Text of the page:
Nothing in football is sacred anymoreMICHAEL OWEN was on his way to Real Madrid overnight after Liverpool manager Rafael Benitez confirmed the sale of the England striker.
Provided he passes a medical, Owen will join Real for a fee believed to be in the region of £8 million ($20.5 million) with 25-year-old Real midfielder Antonio Nunez moving to Anfield as a makeweight.
Benitez, the former Valencia boss who replaced Gerard Houllier earlier this summer, said he had wanted Owen to stay but had been powerless to prevent the striker from leaving because he only had a year left on his contract.
"When I came here he (Owen) had one year left on his contract," Benitez told a press conference in Liverpool. "Real Madrid knew that, and when a big club like them come knocking you cannot control it.
"The money from his sale will be used to balance the team. We still have good forwards here and a good team. We did our best to keep him but, as I say, in the end it was a difficult situation for us."
The terms of the deal for Owen falls well short of Liverpool's initial valuation of their star striker.
But the reality was that Real held all the aces because Liverpool, having given up on efforts to persuade Owen to sign a new contract, initiated the sale, knowing that the 24-year-old could have walked away for nothing next summer.
Liverpool had hoped to get £10 million ($25.67 million) for Owen plus a replacement striker, either Fernando Morientes or Samuel Eto'o.
Any hope of Morientes moving to Anfield was scuppered when he played in Real's Champions League qualifier earlier this week, ensuring he would be ineligible to play for any other club later in the competition.
Eto'o, who has played for Real Mallorca since 2000, has meanwhile opted for a move to Barcelona.
Benitez is expected to use the funds raised by the sale of Owen to go towards the signing of 26-year-old midfielder Luis Garcia from Barcelona.
Benitez is already in advanced negotiations aimed at bringing Real Sociedad's highly-rated holding midfielder Xabi Alonso to Anfield, although that deal could yet be hijacked by Real Madrid following the collapse of their efforts to sign Patrick Vieira, who announced Friday that he was staying at Arsenal.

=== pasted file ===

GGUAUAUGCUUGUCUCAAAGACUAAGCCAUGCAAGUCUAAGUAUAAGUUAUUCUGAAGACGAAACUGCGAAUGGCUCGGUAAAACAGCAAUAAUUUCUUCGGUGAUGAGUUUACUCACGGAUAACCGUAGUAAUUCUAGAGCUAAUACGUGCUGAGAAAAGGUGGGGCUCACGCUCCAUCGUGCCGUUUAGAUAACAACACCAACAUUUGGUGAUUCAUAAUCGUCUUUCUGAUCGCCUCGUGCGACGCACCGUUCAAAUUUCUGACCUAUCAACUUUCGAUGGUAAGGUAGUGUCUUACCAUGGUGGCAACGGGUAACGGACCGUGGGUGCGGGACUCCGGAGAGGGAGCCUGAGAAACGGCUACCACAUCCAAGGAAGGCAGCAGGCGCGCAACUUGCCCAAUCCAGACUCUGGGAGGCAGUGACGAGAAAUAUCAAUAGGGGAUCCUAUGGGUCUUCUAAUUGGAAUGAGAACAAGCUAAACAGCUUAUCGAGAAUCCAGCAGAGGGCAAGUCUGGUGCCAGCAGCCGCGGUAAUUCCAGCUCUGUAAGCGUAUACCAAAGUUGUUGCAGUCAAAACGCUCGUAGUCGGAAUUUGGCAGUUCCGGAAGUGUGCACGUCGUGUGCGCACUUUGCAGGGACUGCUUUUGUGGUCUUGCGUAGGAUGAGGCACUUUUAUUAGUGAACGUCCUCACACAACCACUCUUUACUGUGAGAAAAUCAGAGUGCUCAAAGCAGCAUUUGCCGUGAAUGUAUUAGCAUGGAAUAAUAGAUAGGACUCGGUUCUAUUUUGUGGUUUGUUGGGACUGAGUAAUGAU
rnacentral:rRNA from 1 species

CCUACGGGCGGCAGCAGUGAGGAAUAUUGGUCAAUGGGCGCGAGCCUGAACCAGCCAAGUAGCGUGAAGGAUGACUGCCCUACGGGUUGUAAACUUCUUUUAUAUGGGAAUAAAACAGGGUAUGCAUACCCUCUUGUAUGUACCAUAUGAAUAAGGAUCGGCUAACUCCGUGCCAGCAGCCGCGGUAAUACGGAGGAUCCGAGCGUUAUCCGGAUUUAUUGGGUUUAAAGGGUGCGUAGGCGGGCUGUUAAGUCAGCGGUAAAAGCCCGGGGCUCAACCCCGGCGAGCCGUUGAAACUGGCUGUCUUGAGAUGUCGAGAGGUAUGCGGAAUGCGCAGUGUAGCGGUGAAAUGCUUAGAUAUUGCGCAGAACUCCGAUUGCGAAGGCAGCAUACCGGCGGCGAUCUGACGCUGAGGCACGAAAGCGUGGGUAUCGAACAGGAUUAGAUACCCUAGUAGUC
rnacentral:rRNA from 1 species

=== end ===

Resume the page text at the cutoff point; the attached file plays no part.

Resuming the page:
Owen's departure from the club he has been associated with since he was 11 years old became inevitable at the start of the week when Benitez abruptly called a halt to negotiations with the player that had been dragging on for over a year.
The striker was then left on the bench in the club's 2-0 win over Austrian club AK Graz in a Champions League qualifier, ensuring he would able to play for Real later in the competition.
Benitez, who guided Valencia to two Spanish titles in three years, felt able to sanction the sale of his star striker because of the arrival of 14-million-pound striker Djibril Cisse and the form of Milan Baros, who was outstanding for the Czech Republic at Euro 2004.
The Spanish manager has also dropped hints that he felt Owen was over-rated and wielded too much influence in the Anfield dressing room.
Despite his consistent record of scoring, the England striker's best form has come only in erratic bursts recently and injuries have taken the edge off the pace he enjoyed as a teenager.
He has also never managed to forge a successful partnership with any other striker at Liverpool.
Owen has spoken in the past of his desire to play in Spain or Italy and one of his closest friends, former England striker Gary Lineker, believes he will thrive in La Liga.
Lineker, who had a successful spell at Barcelona in the 1980's, said: "I think Michael has the qualities to succeed. He's been one of the top goalscorers in world football for a long time and playing up front in a side like Real Madrid you would fancy him to score a few goals given the creativity in that side.
"It's probably time for Michael to have a fresh challenge. He struggled a little bit last season with injuries and the team struggling and so if it goes ahead it could be a good move for him."
Owen would not be guaranteed a place in the Real first team but Lineker believes he would benefit from competing with the likes of Raul and Ronaldo.
"Raul was struggling all last season and was poor in Euro 2004 and Ronaldo has had his injuries as well," Lineker said.
"All the big teams now have large squads and if you're going to be a world-class player it's a challenge you would want to take."